How 2U Celebrates Black History Month All Year Long

Learn how this global education technology company is working to authentically demonstrate its commitment to diversity, equity and inclusion

February 17, 2021

Closeup of man walking down street

Editor’s note: Mark your calendars and tune in to the first episode of 2U's LinkedIn Live series EDU: Live, which debuts on Wednesday, Feb. 24 at 3 pm (EST).

Over the past year, conversations focused on racial diversity, inclusion and equity have gained traction at businesses across the globe. LinkedIn is also continuing its diversity and inclusion work as we believe that we're uniquely positioned to create equal access to opportunity and help drive more equitable outcomes for all members of the global workforce.

Now that February is here, brands are trying to find ways to authentically celebrate Black History Month – they have learned that messaging is not enough. One way forward is to not just commemorate the achievements of Black Americans for 28 days in February; brands need to ensure issues of diversity, access and opportunity aren’t confined to 28 days in one month each year. Companies that do the hard work internally to be more inclusive and equitable will undoubtedly see those efforts translated into stronger brand and employee engagement. 

One brand focused on doing the hard work necessary to build a culture of inclusivity and equity is Maryland-based education technology company 2U, which powers online degrees, short courses, and boot camps in partnership with 75 nonprofit universities. In addition to having a diverse C-suite, the company has one of the most diverse boards of directors among publicly traded companies, which includes Valerie Jarrett, who served as a senior advisor to President Obama.

Fostering an Inclusive Company Culture is Key

According to 2U’s Chief Strategy and Engagement Officer David Sutphen, the organization’s commitment to prioritizing diversity, equity and inclusion has become a core focus of company leaders. “If you’re going to move the dial in any meaningful way on these complicated issues, it needs to be a leadership-wide priority as opposed to the responsibility of a single diversity and inclusion leader,” he said. “Companies, for the first time, are starting to put real metrics and benchmarks around what they are trying to accomplish, and are also providing a much greater level of transparency about where they are in their journey.”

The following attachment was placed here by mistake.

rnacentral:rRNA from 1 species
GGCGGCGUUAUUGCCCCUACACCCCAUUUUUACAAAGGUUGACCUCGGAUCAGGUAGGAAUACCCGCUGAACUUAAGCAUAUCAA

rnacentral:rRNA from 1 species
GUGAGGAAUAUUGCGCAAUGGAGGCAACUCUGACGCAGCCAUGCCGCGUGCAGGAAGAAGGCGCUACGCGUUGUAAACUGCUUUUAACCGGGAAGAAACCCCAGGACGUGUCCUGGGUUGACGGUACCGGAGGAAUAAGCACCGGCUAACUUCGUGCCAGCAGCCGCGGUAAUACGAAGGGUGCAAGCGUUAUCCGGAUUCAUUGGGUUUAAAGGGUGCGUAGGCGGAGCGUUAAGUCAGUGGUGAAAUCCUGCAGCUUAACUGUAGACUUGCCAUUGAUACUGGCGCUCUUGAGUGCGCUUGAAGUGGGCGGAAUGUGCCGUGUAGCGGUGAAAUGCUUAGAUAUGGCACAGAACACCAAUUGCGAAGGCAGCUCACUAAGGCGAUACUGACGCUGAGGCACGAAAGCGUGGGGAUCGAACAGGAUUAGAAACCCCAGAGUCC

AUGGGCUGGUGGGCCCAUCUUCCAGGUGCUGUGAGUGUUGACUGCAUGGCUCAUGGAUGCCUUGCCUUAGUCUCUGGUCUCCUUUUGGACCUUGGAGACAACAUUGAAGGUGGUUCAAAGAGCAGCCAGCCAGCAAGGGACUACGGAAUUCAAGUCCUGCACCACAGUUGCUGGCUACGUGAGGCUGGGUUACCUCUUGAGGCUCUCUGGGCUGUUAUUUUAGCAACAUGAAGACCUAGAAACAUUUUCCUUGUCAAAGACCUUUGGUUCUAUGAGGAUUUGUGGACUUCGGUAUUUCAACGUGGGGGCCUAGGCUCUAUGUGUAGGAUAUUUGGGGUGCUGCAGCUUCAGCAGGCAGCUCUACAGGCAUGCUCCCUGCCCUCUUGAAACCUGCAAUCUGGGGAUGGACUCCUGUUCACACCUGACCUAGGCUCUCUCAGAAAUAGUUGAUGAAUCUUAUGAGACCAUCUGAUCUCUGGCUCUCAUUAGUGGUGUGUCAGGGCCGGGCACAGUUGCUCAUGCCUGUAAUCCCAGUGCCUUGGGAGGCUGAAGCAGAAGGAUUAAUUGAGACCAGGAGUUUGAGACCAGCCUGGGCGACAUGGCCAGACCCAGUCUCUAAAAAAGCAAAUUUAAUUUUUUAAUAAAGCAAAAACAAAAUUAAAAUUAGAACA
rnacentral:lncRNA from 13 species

Though the company has made some progress, Sutphen explains that there is still much work to be done. “We don’t have a pipeline problem. Where we struggle is how to take the talent we already have and help them develop clear, defined career pathways to move up. How do we mentor them? How do we make sure mid- to senior level managers know what it means to be inclusive leaders so some of that homegrown talent starts to make their way up the ladder in the company? That’s where a lot of our focus is right now,” he said.

What feels different to me, in this moment, is that it’s not just the employees of color or women or LGBTQ+ community asking their companies to build a more diverse and inclusive culture and business—it’s the broader employee base. Some of the most vocal advocates for change are White employees. –David Sutphen, Chief Strategy and Engagement Officer at 2U.

How Internal Efforts Influence External Initiatives

Sutphen emphasized that the company’s mission-driven commitment to diversity and inclusion extends beyond its culture and employees to its partnerships with colleges and universities, which center on expanding educational access. Recently the company announced a partnership with historically black college Morehouse to launch a suite of online bachelor’s degrees, beginning with online degree completion programs designed for nontraditional students. Sutphen said this initiative has never been more relevant or important than now during a global pandemic that’s reshaping what education looks like and that has disproportionately affected people of color.

“Morehouse College is one of the most iconic HBCUs. There are close to 3 million Black men in the United States who started college, earned some credits, but never earned a degree because life got in the way. And now for those individuals – as working adults – to not just go back to college, but to go back to college as a Morehouse Man, is inspiring,” Sutphen said.

Continuing the Conversation on Equity With LinkedIn Live Series

In order to keep the conversation going around equity and access in education across the industry, 2U decided to launch EDU: Live. Hosted by Sutphen, this monthly LinkedIn Live series will feature conversations with a wide-range of leaders from academia, business, and civil society who are passionate about creating greater equity, access, and opportunity in higher education and beyond. 

“I'm excited to launch our new EDU: Live conversation series on LinkedIn Live. I can't think of a better platform for reaching and engaging a diverse community of professionals who share my passion for fostering greater access, equity, and opportunity in higher education,” Sutphen said. “I look forward to bringing much needed voices to the table—like Dr. David Thomas, President of Morehouse College, Lynn Wooten, President of Simmons University, and Dr. Al Tillery, Founder of the Center for the Study of Diversity & Democracy at Northwestern University, among others—and along the way sparking a thoughtful and productive dialogue that resonates widely across LinkedIn."

Mark your calendars and tune in to the first episode of EDU: Live on 2U’s LinkedIn page on Wednesday, Feb. 24 at 3 pm (EST), which will be a conversation between Sutphen and David A. Thomas, president of Morehouse College.

For more on how to boost diversity in marketing, subscribe to the LinkedIn Marketing Blog today.